Judge orders state to speed up probes of nursing homes
The Mercury News
By Barbara Feder Ostrov
Wed, Sep. 13, 2006
A San Francisco judge on Tuesday ordered state health officials to dramatically speed up investigations of nursing home complaints, dismissing their protests that the task was too onerous and that they needed more time.
It was a clear victory for advocates of the elderly, who had sued the California Department of Health Services in October for what they called the agency’s pervasive and egregious failure to quickly investigate such complaints.
"I don’t see a reason why it can’t be done," San Francisco Superior Court Judge Peter Busch told the attorneys in the case. "Unless the court puts pressure on . . . it won't be done."
State law requires inspectors to investigate complaints of neglect or maltreatment within 10 working days. But in the first half of 2006, the Department of Health Services investigated fewer than half of complaints within that time, a dramatic decline since 2003, when the agency managed to investigate 71 percent of complaints on time.
The state agency has maintained that it has too few inspectors to investigate allegations by the 10–day deadline, although a recent $20 million budget boost is allowing more staffers to be hired. George Prince, an attorney representing the state agency, told the court the agency could not start investigating most complaints quickly until April 2007 nor clear the agency’s backlog of complaints until October 2007.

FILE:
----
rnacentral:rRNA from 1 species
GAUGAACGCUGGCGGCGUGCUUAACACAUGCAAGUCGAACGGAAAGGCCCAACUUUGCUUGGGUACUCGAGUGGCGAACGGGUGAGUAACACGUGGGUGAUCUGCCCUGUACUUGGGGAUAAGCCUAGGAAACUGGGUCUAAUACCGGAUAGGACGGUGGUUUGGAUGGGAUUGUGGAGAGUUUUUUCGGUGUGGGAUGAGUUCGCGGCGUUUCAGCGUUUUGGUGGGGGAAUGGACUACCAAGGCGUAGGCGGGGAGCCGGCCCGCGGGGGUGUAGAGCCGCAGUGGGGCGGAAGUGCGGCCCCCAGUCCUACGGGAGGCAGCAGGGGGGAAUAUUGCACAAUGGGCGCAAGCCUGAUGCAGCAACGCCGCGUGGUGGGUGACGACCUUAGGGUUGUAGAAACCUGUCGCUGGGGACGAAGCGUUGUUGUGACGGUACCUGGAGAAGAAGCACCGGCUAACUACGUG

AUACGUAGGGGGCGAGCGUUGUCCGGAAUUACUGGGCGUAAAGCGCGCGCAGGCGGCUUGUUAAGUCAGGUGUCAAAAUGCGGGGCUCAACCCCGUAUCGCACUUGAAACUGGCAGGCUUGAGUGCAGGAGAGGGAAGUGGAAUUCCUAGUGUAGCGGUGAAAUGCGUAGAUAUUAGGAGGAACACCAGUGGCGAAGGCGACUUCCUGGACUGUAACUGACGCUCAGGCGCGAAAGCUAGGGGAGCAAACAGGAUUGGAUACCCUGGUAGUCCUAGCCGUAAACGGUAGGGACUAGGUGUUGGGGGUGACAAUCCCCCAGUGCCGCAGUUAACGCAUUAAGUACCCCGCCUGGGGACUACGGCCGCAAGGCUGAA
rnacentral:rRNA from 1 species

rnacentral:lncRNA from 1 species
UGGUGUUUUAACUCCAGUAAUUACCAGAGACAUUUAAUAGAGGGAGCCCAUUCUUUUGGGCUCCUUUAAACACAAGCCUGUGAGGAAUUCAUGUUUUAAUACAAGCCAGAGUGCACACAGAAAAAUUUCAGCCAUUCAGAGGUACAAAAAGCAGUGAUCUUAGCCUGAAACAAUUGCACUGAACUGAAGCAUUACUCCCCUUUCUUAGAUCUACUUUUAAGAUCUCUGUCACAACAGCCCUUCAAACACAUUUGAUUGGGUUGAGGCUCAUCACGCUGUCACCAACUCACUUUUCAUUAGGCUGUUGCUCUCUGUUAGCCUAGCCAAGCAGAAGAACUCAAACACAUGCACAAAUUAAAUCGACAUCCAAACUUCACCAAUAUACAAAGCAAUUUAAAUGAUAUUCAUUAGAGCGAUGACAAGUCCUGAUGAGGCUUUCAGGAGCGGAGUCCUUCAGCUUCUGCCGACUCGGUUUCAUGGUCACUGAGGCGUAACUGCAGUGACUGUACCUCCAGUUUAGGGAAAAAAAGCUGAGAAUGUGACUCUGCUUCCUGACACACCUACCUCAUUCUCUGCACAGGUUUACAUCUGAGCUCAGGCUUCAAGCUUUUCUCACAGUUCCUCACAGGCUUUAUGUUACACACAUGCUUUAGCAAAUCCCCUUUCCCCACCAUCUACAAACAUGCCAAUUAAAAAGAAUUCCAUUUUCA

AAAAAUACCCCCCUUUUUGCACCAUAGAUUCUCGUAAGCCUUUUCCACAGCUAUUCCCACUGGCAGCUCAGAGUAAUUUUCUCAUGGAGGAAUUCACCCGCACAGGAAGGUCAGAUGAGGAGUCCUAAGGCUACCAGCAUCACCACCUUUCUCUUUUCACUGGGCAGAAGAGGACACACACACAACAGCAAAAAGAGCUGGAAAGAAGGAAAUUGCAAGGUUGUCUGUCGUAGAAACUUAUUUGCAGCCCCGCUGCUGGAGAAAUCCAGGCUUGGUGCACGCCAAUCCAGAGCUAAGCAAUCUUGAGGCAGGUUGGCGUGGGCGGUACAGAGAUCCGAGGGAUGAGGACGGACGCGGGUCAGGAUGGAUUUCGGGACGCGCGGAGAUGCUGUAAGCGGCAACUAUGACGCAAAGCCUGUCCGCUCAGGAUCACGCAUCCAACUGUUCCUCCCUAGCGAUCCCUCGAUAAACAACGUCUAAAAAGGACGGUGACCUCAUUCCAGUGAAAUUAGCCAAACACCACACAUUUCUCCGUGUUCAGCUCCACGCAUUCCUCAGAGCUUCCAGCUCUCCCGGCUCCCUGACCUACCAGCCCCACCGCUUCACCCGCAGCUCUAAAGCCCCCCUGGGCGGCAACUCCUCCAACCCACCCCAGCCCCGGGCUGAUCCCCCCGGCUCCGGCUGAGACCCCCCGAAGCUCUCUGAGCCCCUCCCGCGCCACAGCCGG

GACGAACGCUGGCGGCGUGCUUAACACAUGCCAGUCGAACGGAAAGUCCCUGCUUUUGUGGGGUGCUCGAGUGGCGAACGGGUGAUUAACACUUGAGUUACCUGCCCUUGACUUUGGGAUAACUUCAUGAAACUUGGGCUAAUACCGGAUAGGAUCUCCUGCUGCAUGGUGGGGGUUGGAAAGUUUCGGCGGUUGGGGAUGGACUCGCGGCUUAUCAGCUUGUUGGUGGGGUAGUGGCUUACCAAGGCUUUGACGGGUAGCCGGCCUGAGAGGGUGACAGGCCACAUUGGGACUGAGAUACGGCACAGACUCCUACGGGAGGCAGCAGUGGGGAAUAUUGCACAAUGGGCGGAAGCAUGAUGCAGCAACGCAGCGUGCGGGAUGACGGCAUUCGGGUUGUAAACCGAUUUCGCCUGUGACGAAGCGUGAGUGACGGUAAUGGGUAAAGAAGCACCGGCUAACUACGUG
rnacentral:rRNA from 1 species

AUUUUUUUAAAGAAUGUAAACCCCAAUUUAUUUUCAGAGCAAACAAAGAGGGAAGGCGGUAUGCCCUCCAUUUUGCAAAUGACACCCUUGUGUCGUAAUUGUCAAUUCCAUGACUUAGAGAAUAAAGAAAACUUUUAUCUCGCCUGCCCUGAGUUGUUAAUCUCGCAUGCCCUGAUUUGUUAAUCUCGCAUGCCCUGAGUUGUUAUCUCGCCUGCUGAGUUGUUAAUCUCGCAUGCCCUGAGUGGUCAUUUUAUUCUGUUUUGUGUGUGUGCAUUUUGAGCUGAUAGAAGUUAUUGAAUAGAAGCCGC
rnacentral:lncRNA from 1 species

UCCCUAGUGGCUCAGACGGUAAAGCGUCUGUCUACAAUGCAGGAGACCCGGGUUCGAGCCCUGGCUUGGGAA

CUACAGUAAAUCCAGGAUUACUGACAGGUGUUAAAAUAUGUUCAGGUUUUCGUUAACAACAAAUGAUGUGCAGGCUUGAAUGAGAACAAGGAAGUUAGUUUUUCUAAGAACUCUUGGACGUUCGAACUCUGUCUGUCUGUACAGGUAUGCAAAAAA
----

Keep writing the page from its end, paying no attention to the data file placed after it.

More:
But the judge left little room for delay Tuesday, ordering the agency to clear nearly half its backlog and start investigating at least 80 percent of new complaints within four months. Within eight months, the agency must investigate every complaint and completely clear its backlog.
As of mid–August, the agency had at least 460 cases, some dating from January of this year, that have not been investigated, according to its records. While the agency quickly investigates the majority of cases involving imminent harm or death to a patient, the agency failed to investigate at least one of those cases, and an additional 200–plus cases in the backlog are classified at the second highest level of concern. In some cases where the agency did finally investigate, it took as long as 145 days to investigate a highest–priority complaint, records show.
"It’s about time that victims of abuse and neglect get timely attention to their complaints," said Mike Connors of California Advocates for Nursing Home Reform, which filed the lawsuit.
Betsy Hite, a spokeswoman for a nursing home industry group called the California Association of Health Facilities, praised the ruling. "A nursing home also wants to know what went wrong and what remedial steps it should take."
One of the plaintiffs, Los Gatos resident Julie Fudge, had filed a complaint with the state agency after her 93–year–old mother died in a Saratoga nursing home under suspicious circumstances but did not get an official response for 10 months. Her complaint, involving a potential medical error, was never substantiated.
"It’s a good step; we’re inching forward," Fudge said. "But there’s a long road ahead. The system has many, many problems."
IF YOU’RE INTERESTED
Information on filing a complaint against a nursing home and how to evaluate nursing home quality is online (www.canhr.org).